49ers 2014 Season Marred By Injuries

By Jerrell Richardson

The San Francisco’s 49ers season started with Super Bowl aspirations. After three straight NFC Championship appearances, the hope was that this was their year. The season started and ended well enough, but after it was all said and done, the 49ers have an 8-8 record and were not invited to the playoffs. While the outcome is a far cry from a Super Bowl appearance, the reason for the 49ers’ fall from fame is simple: Injuries and one big suspension made them a shell of themselves and unable to compete with the NFL’s best.

Can Injuries Be An Excuse?

Every single NFL team has to deal with injuries, but who had it as bad as the 49ers this season? It’s not just the number of players who missed games, but more importantly, it’s who missed games. Out of the 15 names on their injured reserve list to end the season, three names stand out: Patrick Willis, Daniel Kilgore and NaVorro Bowman. Why are these names important? Because they are the three players—outside of Colin Kaepernick—who are responsible for their respective units communicating. Add to them Glenn Dorsey, Aldon Smith, Anthony Davis, Joe Staley, Tramaine Brock, Stevie Johnson and Mike Iupati (just to name a few) as players who were barely on the field in 2014, or when on the field not very effective (see Aldon Smith, Brock and Johnson).It’s hard not to use injuries as an excuse for the 49ers dreadful season.

Offensive Woes Start With Injured Line

Most NFL games are won with the battle in the trenches. So with a new line almost every week, and the loss of their halfway through the year center, can you blame the 49ers for struggling at time to run the ball or protect Kaepernick?

The biggest loss on the offensive side was Center Daniel Kilgore. Not only did San Francisco lose the quarterback of the offensive line, but the replacement was a rookie coming off a preseason injury and thus had no real game time experience with the offense. While Marcus Martin played well, and there are two sides to a quarterback center exchange, the team lost at least one game due to the unfamiliarity between Kaepernick and his center when a late goal line fumble handed the team a loss to the St. Louis Rams.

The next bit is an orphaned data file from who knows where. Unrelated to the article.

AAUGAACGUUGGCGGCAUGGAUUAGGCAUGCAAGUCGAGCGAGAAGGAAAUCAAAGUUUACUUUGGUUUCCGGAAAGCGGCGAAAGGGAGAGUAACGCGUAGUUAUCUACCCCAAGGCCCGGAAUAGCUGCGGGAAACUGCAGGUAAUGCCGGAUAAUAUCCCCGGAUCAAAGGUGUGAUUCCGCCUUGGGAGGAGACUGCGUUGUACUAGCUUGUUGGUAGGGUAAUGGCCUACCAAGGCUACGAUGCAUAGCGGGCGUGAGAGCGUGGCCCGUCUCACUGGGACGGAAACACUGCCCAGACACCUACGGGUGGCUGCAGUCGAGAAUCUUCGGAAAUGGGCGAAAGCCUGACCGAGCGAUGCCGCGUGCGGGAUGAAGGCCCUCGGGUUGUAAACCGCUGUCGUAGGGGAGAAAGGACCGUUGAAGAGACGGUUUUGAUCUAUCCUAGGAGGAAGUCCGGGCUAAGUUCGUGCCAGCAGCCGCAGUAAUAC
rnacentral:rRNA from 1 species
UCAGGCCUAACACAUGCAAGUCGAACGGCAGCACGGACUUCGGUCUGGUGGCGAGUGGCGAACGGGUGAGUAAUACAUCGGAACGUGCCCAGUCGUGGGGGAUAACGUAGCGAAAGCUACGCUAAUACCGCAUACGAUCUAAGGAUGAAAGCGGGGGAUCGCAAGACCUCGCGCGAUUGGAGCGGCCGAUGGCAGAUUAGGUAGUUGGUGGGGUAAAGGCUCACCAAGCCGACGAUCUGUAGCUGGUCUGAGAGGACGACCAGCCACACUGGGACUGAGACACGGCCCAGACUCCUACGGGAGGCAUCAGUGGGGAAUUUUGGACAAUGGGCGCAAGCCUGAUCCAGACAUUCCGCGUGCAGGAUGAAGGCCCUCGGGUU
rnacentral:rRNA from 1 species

Why Kaepernick Struggled

Of course the quarterback has a lot to do with the offensive ineptitudes as well, but Colin Kaepernick’s so called regression is a bit premature when considering the pathetic line in front of him and the new offensive game plan. In Kaepernick’s prior seasons, the 49ers were a run-heavy ball club. This year they tried to convert to an aerial attack, and it backfired.

How important does a running game and solid line mean to a team? Take a look at two NFC Super Bowl hopefuls: The Seahawks and Cowboys. Seattle has the No. 1 ranked running game. The only reason the Dallas Cowboys are all of a sudden a threat is that they have taken the ball out of their gun slinger Tony Romo and put it all on the shoulders of their running back DeMarco Murray. Give any quarterback a flawed system and a flawed protection scheme and he will struggle. Take away the injuries to the offensive line and Kaepernick has a much better season.

Defensive Struggles Due to Backups

In the eight losses this year, half of them were just as much on the defense as the offense. Against the Bears, the defense allowed 21 4th quarter points, and against the less-than-impressive Cardinals offense earlier this season, the 49ers allowed 21 second half points. The losses to the Broncos and Seahawks were due to the 49ers playing a better team, so no fault goes to either side of the ball for those two, but that doesn’t explain the past three weeks when they allowed 24 points to the Raiders, blew a 21 point halftime lead to the Chargers, and last week allowed 316 passing yards to Ryan Lindley.

It’s no coincidence though that the bad performances started to pile up toward the second half of the season, as the injuries continued to pile up. Remember, it was expected to have Willis, Bowman and Aldon Smith on the field for a second half push, but the only one playing was a rusty Aldon Smith. Both Chris Borland and Michael Wilhoite played better than expected filling in for Bowman and Willis, but both replacements are not Pro Bowl caliber players, and were both exposed in passing situations.

When Healthy They Are Contenders

As a team, the San Francisco 49ers struggled in 2014, but they still showed that they can compete with just about any team in the league, especially when healthy. They only teams to dominate them this season were the Denver Broncos and Seattle Seahawks, who are among the NFL elite. It’s not just about the x’s and o’s, sometimes it’s about the John’s and Joes, and the bottom line is that the 49ers never had the personnel on the field to compete for a Super Bowl Title.

While some will argue the next man up theory and point to the Cardinals, consider two things: One is that nobody really gives the Cardinals a chance to win it all because they are without their quarterback. Two is that the Seattle Seahawks, the team now figured to win it all, were floundering earlier this season, and they turned it around when they got back their two defensive studs, Earl Thomas and Bobby Wagner. What this shows is that any team is one or two injuries away from derailing their season, and it’s hard to blame a team whose roster is missing key figures. The good news for San Francisco is that the chances of them being this injury riddled next season is very unlikely, and when healthy, they are still among the NFC’s top teams. They will be back to compete for a playoff berth in 2015.

For more 49ers news and updates, visit 49ers Central.

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